Uttar Pradesh, India – At the grand age of 86, Chandro Tomar stands upright with her arm perfectly straight, holding an air pistol.
Even in old age, her eyesight does not fail her.
Dressed in a white shirt, blue skirt and a scarf covering her head, she aims at a target from a distance of 10 metres. A moment of pause and she hits the bull’s eye.
She hails from Uttar Pradesh, which has witnessed several so-called “honour killings” in recent years and has been named by media as one of India’s most dangerous states for women.
Tomar, who discovered her passion for shooting when she turned 65, has earned the nickname “Revolver Dadi”, or “Revolver Granny”.
Like many other grandmothers in India, day by day, she cooks for her family, tends to cattle, milks the cows and takes care of the mounds of cow dung.
But in addition to the daily grind, this granny – who is the oldest known sharpshooter in India and often cited as the world’s oldest female sharpshooter – trains hundreds of young boys and girls in her favourite skill.
At the age when people usually retire, Tomar began a new journey.
“Though my neighbours and relatives mocked me at first when they saw me shooting, my success made them think otherwise,” she tells Al Jazeera.
She recalls the day when she accompanied her granddaughter, Shifali Tomar, to the shooting range. Shifali only half-heartedly practised at the Johri Rifle Club.
“It was 1999,” says Tomar. “My granddaughter was afraid of going to the Rifle Club alone so she asked me to come along. I told her to learn shooting and excel in it and make us proud. She was not that interested. I casually picked up a pistol and shot at the target.”
That was the first time she had held a pistol and she hit the bull’s eye.
“When the coach saw this, he asked me to follow my passion.”
In the following days, she would wait for everyone, including her father and husband, to sleep so she could leave her home and practise shooting in the fields.
To improve her balancing skills, she would straighten her arm and hold a jug of water for a long time.
Fearing her family might become upset or angry with her new hobby, she kept shooting a secret.
“In a village where girls were not sent to schools or allowed to work, an old woman holding a pistol and following her passion was odd and invited ridicule,” she says.
To Tomar’s surprise, one day at home she saw her photograph in the local newspaper. She snipped the image out so that her husband and father did not see. But she could not conceal her new identity for long.
“When the media started writing about me frequently and I started getting awards, everyone came to know about me and they were happy and proud,” says the sportswoman, who has five children and 15 grandchildren.
Her success has inspired her neighbours and relatives.
In a village where girls were not sent to schools or allowed to work, an old woman holding a pistol and following her passion was odd and invited ridicule.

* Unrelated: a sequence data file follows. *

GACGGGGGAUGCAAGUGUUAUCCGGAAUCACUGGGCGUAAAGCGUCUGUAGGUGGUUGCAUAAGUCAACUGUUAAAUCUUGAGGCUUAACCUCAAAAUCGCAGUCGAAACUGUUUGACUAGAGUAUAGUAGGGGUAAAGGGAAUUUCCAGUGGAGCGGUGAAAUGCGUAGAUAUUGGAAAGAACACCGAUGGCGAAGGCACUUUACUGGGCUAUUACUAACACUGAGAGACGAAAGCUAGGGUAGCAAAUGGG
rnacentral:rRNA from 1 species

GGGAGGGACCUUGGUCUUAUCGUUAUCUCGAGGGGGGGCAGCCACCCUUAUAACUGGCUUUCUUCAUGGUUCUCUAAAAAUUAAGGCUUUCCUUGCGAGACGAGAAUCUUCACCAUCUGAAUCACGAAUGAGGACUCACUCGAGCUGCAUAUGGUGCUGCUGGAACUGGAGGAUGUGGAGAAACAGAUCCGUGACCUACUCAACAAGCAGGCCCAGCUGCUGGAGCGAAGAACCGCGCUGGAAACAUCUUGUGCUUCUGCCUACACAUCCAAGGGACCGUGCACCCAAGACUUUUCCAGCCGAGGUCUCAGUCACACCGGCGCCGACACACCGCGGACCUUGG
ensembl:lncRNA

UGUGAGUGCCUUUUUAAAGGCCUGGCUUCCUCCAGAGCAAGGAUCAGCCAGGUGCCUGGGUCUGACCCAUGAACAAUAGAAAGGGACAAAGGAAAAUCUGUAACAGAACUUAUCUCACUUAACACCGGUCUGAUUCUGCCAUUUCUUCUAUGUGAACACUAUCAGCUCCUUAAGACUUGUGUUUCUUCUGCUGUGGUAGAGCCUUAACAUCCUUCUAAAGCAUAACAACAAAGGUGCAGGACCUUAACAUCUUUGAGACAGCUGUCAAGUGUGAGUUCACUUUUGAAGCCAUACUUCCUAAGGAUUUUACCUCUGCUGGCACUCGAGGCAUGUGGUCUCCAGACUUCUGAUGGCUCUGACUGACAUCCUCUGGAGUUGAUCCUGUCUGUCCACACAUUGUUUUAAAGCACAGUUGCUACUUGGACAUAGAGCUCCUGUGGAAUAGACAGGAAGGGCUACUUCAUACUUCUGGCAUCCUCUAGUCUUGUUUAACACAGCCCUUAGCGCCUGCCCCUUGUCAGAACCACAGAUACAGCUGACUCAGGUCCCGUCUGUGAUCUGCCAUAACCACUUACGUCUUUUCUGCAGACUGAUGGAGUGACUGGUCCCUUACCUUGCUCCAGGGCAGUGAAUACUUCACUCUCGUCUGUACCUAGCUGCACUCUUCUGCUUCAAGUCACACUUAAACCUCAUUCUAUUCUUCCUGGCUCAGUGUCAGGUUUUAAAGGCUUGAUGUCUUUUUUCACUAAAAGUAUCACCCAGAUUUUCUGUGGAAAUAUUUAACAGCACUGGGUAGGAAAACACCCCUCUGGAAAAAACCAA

When the news spread, young boys and girls requested that she train them to shoot.
“I started a shooting range here in my village where I train young boys and girls for free. Young people from neighbouring villages also come here to learn shooting.”
Tomar also influenced her sister-in-law, who is older.
As well as training hundreds of youngsters in Uttar Pradesh, Tomar taught nine members of her family including her niece Seema and improved the skills of her granddaughter Shifila.
Seema went on to become the first Indian woman to win a medal in the 2010 Shotgun Championships and Shifali has participated in international competitions in Hungary and Germany.
Many of Tomar’s female students have landed jobs in the Indian army.
The elderly sharpshooter says her aim to empower young women and make them feel safe.
In a place like Uttar Pradesh, where crimes against women are prevalent, Tomar says self-defence is of utmost importance.
Women and men should have the same opportunities in sports and other spheres of life, she adds, remembering the day she competed with a police officer in competition.
That was just two years after she had taken to sharpshooting, and she defeated the police officer.
According to reports, the police officer refused to stand by Tomar’s side for a photograph, claiming to have been humiliated by a woman.
Looking ahead, Tomar wants to set up a hostel in her village so that people from other states can join her shooting club.
“Recently, I got a call from someone from Rajasthan. She wanted me to train her in sharpshooting. When I told her I could not travel to her state, she was disappointed,” Tomar says. “If a hostel is set up here, people like her can stay there and train themselves.”
Having won more than 30 championships in 10-metre pistol shooting, the current chief minister of Uttar Pradesh – Yogi Adityanath – has celebrated her achievements.
She regularly appears on TV shows and several Bollywood stars have made the pilgrimage to visit her.
Perhaps her greatest achievement, though, is how her name is used to fight off cultural traditions that trap women in impossible situations.
When a girl in her village is asked for dowry, for instance, people have been known to cite Tomar’s name as a way of showing women’s strength – and the demand is given up.